Are 2 stroke snowmobiles allowed in Yellowstone?

The only way to visit Yellowstone during winter is by snowmobile and since 2015 all snowmobiles entering need to meet the NPS requirements for Best Available Technology (BAT).

This effectively means 2-stroke snowmobiles are not allowed in due to their contribution to noise and pollution.

Since snowmobiling in the park is a controversial topic, conservatives have tried to mitigate the damage as much as possible.

This is why the requirements specifically state that BAT snowmobiles have to be quieter and produce fewer air emissions than the rest. Yellowstone also allows the riders to be only on the plowed roads. 

Do they still make 2 stroke snowmobiles?

While modern companies prefer to go 4-strokes, there are still plenty of 2 stroke models and variations available.

Most manufacturers produce their models accessible in both engines. Even Yamaha is looking into tapping the 2-stroke market so this form of engine is not obsolete yet.

To remain competitive, most manufacturers are investing a considerable amount into their two-stroke models so they can have increased efficiency and longevity. They have also looked into improving their fuel injection and projection so they run smoother.

Who still makes 2 stroke snowmobiles?

There are a considerable number of brands still making 2 stroke snowmobiles. Even Yamaha, a brand known to have exclusive four-stroke engines, is introducing a 2-stroke line into the market.

Polaris, SkiDoo, BRP, and Arctic Cat are brands that have both 2 stroke and 4 stroke variants. Even some lesser-known manufacturers like AD Boivin, Snow Hawk, and Alpina carry 2 stroke snowmobiles with their 4 stroke lines.

How long does a 2-stroke snowmobile engine last?

Since 2-stroke snowmobiles are not as efficient and long-lasting as their 4 stroke counterparts, it will do you good to know how long the engine can last so you know when to go in for maintenance or regular checkups.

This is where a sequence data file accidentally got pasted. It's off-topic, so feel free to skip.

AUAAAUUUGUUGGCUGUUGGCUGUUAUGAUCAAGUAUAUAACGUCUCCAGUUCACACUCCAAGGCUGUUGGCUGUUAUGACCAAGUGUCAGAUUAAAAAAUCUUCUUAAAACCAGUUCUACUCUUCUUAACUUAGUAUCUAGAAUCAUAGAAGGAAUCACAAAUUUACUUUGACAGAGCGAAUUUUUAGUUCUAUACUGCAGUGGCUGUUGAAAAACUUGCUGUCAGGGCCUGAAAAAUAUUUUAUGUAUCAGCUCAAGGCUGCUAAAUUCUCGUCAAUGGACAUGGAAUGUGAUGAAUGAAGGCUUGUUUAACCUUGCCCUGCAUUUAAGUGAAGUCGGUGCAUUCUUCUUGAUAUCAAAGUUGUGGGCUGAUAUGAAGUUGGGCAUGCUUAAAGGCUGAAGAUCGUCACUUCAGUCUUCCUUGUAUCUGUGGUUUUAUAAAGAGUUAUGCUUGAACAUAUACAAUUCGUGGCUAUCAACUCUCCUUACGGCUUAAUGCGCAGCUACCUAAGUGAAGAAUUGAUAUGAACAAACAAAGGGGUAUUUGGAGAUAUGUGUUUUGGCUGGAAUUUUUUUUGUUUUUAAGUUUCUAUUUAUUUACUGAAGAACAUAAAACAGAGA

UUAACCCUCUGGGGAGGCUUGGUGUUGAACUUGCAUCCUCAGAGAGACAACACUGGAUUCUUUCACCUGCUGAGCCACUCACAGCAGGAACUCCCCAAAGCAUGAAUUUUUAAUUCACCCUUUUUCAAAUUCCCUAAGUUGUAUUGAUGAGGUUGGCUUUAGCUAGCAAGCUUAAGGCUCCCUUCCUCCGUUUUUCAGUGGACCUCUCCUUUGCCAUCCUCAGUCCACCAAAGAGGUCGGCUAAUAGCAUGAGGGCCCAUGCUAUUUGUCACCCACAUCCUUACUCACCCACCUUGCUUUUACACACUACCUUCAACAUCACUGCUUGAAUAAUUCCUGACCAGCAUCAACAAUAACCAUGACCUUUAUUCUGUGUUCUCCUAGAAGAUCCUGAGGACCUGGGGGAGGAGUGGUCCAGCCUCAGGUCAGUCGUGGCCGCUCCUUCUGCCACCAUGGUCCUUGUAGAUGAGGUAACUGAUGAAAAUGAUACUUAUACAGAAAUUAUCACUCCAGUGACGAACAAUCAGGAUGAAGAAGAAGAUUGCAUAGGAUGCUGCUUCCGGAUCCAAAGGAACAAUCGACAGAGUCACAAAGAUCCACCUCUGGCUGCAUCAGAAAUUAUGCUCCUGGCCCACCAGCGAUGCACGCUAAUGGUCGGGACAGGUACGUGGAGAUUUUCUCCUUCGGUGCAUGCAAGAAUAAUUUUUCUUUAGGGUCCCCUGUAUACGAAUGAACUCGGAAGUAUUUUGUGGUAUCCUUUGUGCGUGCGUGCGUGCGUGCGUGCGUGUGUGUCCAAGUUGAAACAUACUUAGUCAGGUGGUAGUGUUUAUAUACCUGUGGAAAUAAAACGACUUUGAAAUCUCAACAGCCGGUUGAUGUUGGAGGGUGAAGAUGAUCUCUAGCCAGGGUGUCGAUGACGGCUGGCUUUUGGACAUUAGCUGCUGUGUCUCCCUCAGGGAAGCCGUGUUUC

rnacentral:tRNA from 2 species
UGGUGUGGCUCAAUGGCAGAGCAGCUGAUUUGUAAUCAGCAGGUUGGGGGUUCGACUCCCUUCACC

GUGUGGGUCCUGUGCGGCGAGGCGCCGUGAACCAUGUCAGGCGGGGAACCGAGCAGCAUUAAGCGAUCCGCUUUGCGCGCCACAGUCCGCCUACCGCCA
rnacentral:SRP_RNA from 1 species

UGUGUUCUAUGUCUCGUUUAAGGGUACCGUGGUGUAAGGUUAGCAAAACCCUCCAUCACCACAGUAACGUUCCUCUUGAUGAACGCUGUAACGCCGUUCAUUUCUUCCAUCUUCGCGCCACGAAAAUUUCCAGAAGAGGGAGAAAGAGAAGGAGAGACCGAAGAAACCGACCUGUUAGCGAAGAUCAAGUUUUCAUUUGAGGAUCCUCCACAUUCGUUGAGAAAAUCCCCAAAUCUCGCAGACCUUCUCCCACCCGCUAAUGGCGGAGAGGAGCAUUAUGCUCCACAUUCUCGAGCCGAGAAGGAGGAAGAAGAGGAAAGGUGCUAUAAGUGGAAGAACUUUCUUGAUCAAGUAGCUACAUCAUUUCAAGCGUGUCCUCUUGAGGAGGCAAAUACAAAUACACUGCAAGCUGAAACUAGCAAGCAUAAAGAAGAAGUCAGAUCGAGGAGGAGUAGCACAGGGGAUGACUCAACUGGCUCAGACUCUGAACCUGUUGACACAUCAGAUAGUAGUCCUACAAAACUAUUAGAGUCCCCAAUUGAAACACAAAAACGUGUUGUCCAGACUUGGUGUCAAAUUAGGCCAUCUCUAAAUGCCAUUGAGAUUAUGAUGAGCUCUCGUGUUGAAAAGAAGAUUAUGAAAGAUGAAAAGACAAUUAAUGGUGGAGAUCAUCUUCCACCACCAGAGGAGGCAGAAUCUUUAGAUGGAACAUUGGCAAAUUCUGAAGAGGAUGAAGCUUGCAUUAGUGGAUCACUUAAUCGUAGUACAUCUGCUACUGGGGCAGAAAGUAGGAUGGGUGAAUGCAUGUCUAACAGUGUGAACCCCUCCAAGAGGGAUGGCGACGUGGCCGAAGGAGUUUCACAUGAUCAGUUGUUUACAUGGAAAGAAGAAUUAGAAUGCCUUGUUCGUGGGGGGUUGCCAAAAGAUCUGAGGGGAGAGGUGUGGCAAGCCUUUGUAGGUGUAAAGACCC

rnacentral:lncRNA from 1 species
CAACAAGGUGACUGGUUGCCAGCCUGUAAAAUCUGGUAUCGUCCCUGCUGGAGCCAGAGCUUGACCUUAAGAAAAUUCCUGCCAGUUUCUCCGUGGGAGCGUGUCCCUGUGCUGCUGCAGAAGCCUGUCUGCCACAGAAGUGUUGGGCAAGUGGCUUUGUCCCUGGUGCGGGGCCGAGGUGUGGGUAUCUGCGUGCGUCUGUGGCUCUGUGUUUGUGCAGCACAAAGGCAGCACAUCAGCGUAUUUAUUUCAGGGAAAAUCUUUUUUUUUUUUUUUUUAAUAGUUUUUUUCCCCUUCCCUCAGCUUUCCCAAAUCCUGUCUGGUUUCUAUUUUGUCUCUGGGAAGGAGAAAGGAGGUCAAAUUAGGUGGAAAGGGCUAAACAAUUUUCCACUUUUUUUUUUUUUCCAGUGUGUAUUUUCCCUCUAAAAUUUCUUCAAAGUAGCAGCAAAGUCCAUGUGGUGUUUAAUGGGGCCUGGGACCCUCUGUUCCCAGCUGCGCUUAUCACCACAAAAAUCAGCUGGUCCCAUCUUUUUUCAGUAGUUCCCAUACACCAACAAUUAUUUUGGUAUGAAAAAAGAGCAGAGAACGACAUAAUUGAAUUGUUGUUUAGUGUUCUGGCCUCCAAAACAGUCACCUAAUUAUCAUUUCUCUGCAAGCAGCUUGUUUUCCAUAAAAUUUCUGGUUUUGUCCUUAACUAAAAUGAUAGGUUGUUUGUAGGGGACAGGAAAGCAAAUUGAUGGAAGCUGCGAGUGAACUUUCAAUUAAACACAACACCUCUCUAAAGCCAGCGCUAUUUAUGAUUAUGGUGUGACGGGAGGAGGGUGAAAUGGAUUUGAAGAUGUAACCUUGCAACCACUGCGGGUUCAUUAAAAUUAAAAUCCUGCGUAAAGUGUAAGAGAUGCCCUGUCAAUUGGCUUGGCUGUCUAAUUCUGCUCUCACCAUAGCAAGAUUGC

A snowmobile with 2-stroke motors can last around 10000 to 20000 miles depending on the model and how well it is looked after. People take 10000 miles to get a high mileage since they can also last around for 5000 miles.

How long the engine can last depends on the type, the way it is used, and the way it is maintained. 2-stroke snowmobiles need a “top and refresh” every 5000 miles to work efficiently.

Do 2 stroke engines need oil changes?

2 stroke engines run on a mix of oil and fuel, so it makes that they need oil changes regularly. Usually, the oil change needs to happen every five hours of active riding minimum to keep it up and running smoothly, since 2-stroke engines need more maintenance.

If you ride heavy and hard, then an oil change is needed every 3 hours. You can go longer without changes, but it will wear on the engine and transmission.

Snowmobiles are a fuel heavy machine which needs proper maintenance to run properly. To do so, you need to know if your model is 2 strokes or 4 strokes, and what kind of fuel they run on.

Frequently Asked Questions:

Can Snowmobiles on Grass, Pavement, Ice, Sand & Dirt?

Can You Ride a Snowmobile in The Summer?

Can Snowmobiles Go on The Water?

Do Snowmobiles Float?

Do Snowmobiles Have Brakes?

Do Snowmobiles Have Power Steering?